Connector base 106 may be used to seal an aperture of hub 124 that accommodates the insertion of sheath 110 into needle 120. In some embodiments, connector base 106 comprises a fitting that is sealingly engageable to a fitting on hub 124 for sealing such an aperture. In some such embodiments, the aperture may be sealed by connector base 106 independent of membrane 128. In some embodiments, clip 108 is configured to seal a longitudinal aperture (not shown in
Those skilled in the art will appreciate that sheath 110 may provide a barrier between sensor cable 102 and hollow needle 120. In some embodiments, sheath 110 is disposable. In some such embodiments, shaft 112 of sheath 110 comprises a plastic sleeve. In some embodiments connector base 106 is reusable. It will be appreciated that a non-sterile connector base 106, sensor cable 102, and position marker (not shown) may be combined with a sheath 110 having a sterile exterior to form a sheathed position marker assembly suitable for use in a sterile medical environment.
Application of the invention is not limited to taking biopsy samples. For example, apparatus and methods described herein may be applied to positioning needles and other fine members at desired locations within a body for the introduction of a drug, such as a anesthetic, or a radioactive seed for cancer treatment or the like. For example, the system may be used to position a catheter to introduce an epidermal anesthetic. The system may also be used, for example, for inserting catheters into organs, vessels and other anatomical structures.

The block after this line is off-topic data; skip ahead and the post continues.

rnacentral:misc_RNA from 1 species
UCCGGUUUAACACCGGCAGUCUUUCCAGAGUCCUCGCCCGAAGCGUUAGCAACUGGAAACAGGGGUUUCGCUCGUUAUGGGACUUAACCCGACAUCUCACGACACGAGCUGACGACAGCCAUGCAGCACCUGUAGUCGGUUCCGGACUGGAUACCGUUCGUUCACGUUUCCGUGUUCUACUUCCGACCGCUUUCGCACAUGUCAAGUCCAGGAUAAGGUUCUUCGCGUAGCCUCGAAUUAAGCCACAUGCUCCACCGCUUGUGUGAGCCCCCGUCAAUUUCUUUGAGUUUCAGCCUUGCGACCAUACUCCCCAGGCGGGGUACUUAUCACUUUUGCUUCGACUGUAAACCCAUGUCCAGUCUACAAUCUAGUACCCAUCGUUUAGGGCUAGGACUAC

An advantage of some embodiments is that the position marker is co-located with the same feature of the member being positioned that it is desired to place in a specific location. The feature may be a tip of the member for example. As another example, the feature may comprise an opening in a side of the member (such openings are found, for example, in some biopsy needles). Thus, certain calibration steps are avoided. Furthermore, the member may be flexible. Even if the member flexes during insertion, the actual position of the tip or other feature of the member can be monitored.
It can be appreciated that the apparatus and methods described herein have application in a wide range of imaging applications. For example, the methods and apparatus may be applied to:
In embodiments which apply a position sensing technology based upon magnetic fields it is desirable to ensure that the sheath and any other parts of the apparatus do not distort magnetic fields in a way that would interfere with the accuracy or reliability of position measurements. It is also desirable that the material(s) of the sheath and other parts that may contact a patient's tissues be all of: biocompatible; not damaged by commonly available sterilization protocols; and able to withstand expected mechanical forces with a suitable safety margin as is appropriate for invasive medical equipment.
Nonmagnetic grades of stainless steel such as grade 304 stainless steel are available. However, even these grades tend to develop localized ferromagnetic properties when worked (as occurs, for example in making or modifying a stainless steel sheath or needle). This is a particular issue in applications in which it is desirable to deploy a position marker in an open-ended sheath or needle such that the cable or other assembly carrying the position marker must be sterile. In such cases it can be convenient to machine the tip of a stainless steel needle to serve as a biocompatible, sterile cover for a position marker and any associated cable. However, such machining can result in the stainless steel becoming magnetic in the vicinity of the machining operations.